Unpacking and explaining the Peak Paradox model is here, you will need this backgrounder to understand the model so that this article will make sense; it is a 5-minute read. A new way of seeing the same thing will mean we can act differently; this is the peak paradox model’s core tenet.
Over the past twenty years, I have spent a lot of time on privacy and identity. Without a doubt, everyone views what privacy and identity mean to themselves and the need for these features in society. In the privacy and identity space, you have to accept that the vast majority of opinions are formed from personal experience, a sample size of 1, and then extrapolated to all society - therefore it is very messy.
Functional or Foundational Identity
I am keeping it broad & straightforward. Functional identity is a passport, birth certification, diving licence, DNA, sovereign ID, company ID, and anything given to you by someone who has command and control. The foundational hard ID gives rise to many softer identities (identifications) built from having a foundation.
In the majority of societies, you need this type of identity for anything and everything. To buy food to survive at Peak Human, purchasing luxury items at Peak Individual, having agency in society at Peak Society, and working.
An identity that forms because you interact with (digital) systems. Your made-up email address enables someone to know where you live; trackers see what you buy, when you shop, who you shop for. Your preferences and actions identify you. This identity emerges, not because you have a trusted bank account to pay, but because you interact. Your functional ID allows and enables interactions. The more we interact in a complex digital world, the more emergent identities we have.
Emergent Identity emerges in the spaces between Peak Work and Peak Human. It is deeply yours as the data and services are for the person, but the data according to the terms is the companies. A majority of the debate is about ideals of who has rights to this data set. Emergent ID is a technology looking for a problem.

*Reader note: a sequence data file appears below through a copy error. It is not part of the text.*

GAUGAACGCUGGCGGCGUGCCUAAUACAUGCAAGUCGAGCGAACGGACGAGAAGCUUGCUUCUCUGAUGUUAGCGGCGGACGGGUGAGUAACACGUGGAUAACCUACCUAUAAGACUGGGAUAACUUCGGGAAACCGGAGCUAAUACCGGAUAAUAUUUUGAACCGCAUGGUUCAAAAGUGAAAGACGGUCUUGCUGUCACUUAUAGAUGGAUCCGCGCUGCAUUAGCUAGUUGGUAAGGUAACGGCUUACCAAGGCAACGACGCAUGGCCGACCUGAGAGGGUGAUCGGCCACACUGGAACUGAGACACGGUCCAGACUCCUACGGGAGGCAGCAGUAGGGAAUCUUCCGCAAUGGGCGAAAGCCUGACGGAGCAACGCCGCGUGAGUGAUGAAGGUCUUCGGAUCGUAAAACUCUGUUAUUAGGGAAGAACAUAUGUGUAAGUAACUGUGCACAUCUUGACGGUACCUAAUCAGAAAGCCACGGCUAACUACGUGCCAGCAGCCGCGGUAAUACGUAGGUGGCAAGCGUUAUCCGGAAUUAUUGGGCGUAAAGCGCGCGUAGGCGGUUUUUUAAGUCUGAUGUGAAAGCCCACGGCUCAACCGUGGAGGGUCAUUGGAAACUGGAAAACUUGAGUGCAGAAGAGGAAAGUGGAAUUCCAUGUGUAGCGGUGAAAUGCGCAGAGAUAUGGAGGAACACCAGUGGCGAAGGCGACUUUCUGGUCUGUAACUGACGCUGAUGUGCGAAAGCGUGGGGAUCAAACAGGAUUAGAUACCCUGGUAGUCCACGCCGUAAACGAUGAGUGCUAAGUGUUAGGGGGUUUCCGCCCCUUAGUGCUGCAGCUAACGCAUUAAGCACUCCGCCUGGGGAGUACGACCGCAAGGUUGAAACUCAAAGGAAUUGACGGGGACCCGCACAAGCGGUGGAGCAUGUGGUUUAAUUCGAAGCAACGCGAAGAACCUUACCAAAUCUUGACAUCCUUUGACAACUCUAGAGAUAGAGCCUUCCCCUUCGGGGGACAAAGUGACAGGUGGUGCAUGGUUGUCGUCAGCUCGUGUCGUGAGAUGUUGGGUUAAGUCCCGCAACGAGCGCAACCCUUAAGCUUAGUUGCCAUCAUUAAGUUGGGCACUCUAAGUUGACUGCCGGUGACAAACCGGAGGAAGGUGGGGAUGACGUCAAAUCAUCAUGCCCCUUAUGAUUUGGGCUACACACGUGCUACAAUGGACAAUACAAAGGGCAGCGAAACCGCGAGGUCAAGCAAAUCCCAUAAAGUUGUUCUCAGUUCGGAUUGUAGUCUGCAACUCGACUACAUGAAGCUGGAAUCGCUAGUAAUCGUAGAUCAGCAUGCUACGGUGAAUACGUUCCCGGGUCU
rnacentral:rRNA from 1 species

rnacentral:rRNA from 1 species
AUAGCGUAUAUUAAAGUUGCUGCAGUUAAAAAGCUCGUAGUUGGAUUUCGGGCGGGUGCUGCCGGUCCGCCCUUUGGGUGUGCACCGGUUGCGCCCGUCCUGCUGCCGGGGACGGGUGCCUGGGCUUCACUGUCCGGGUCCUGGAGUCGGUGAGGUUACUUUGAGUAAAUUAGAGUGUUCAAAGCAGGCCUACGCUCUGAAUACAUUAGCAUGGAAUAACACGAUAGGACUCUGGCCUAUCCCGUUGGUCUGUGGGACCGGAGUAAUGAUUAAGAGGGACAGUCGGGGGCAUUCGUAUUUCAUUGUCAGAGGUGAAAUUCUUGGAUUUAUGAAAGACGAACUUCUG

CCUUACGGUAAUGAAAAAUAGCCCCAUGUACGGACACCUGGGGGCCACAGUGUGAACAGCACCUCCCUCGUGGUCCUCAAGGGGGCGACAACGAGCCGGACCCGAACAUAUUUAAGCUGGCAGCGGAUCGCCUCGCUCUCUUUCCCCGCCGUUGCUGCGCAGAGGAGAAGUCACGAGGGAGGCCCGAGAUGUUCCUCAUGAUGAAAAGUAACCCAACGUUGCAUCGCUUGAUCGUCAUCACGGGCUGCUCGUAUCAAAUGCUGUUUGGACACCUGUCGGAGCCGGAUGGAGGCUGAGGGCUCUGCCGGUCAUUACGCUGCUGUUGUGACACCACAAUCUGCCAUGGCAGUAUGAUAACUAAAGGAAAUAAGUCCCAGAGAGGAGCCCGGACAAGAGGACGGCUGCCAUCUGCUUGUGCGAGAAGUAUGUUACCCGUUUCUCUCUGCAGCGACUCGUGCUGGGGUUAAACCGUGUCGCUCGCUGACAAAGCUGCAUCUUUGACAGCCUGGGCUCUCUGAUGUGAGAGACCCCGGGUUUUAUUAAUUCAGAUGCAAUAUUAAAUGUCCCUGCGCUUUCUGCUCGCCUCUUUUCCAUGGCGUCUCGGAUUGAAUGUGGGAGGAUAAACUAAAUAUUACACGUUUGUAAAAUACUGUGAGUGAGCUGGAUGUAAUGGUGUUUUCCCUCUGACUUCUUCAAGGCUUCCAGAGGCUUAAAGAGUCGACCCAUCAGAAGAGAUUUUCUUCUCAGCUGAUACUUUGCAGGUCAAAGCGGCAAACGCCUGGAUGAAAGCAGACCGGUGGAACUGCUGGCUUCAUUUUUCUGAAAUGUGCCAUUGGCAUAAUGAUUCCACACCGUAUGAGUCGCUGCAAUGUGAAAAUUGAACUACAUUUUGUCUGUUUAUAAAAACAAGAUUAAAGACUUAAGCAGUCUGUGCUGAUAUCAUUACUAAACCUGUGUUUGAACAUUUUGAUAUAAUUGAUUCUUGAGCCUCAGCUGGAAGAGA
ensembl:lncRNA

Oddly functional and emergent identity remove your ability to have privacy.
It is evident from the placement that there are many interruption issues when we open up the word “privacy.” Privacy, like trust, risk and beauty, need verbs to bring context, as, without context, it all gets a bit fractious.
There is no privacy requirement when survival is the only purpose you have. Indeed there is a significant area under the map where privacy is not so relevant. In a way “At Peak Paradox”, the central place, privacy does not work for anyone as there are too many conflicts, and privacy lacks context, so we turn to that highly reliable idea of Trust.
My Privacy exists in the space between Peak Individual Purpose and everything else - the buffer that you hope will protect you. It is where the idea of privacy has the most value as a concept to the individual. But this idea of privacy is different from the concept of privacy at Peak Society. The law provides a framework for some, but not for everyone.
The buffer zone to protect the business using legal construct frameworks to protect and defend themselves. Privacy at Peak Commerical Purpose has a strange relationship with us. We want it for ourselves to provide a layer of protection but not others who should be more open and honest about what they do. Privacy is both protection and a cost hurdle at the same time.
State Valued Privacy
There are lots of legal frameworks for the protection of state secrets and official documentation. State Privacy is further used as a privilege to prevent having to tell the public what is really happening until it is safe in 50 years. Nation-states have a wicked thorny problem with its relationship with privacy. Protection for one is hiding for someone else, the beauty of a paradox.
Privacy value by society
Peak Social Purpose avoids privacy by demanding equality and transparency, so there is no need for privacy. Therefore privacy cannot exist at this peak purpose; however, there is a place where society values privacy on the route. An interesting question is, does everyone need to know everything? When individuals hold different opinions, no privacy becomes a problem and has no value for society.
Take away Privacy and identity outs individual opinions and experiences like few other topics; religion, sex and politics aside. We have seen and know that there are all sides to each view, I hope that this mapping says that all ideas are valuable and that as an individual and team we need to have a holistic view and opinion on identity and privacy. I hope that each of us can identify that we hold conflict and compromises in the opinions we already own. Perhaps, if we want better privacy, we should carve out having to have an identity at these privacy points, so an individual can choose to be recognised or not?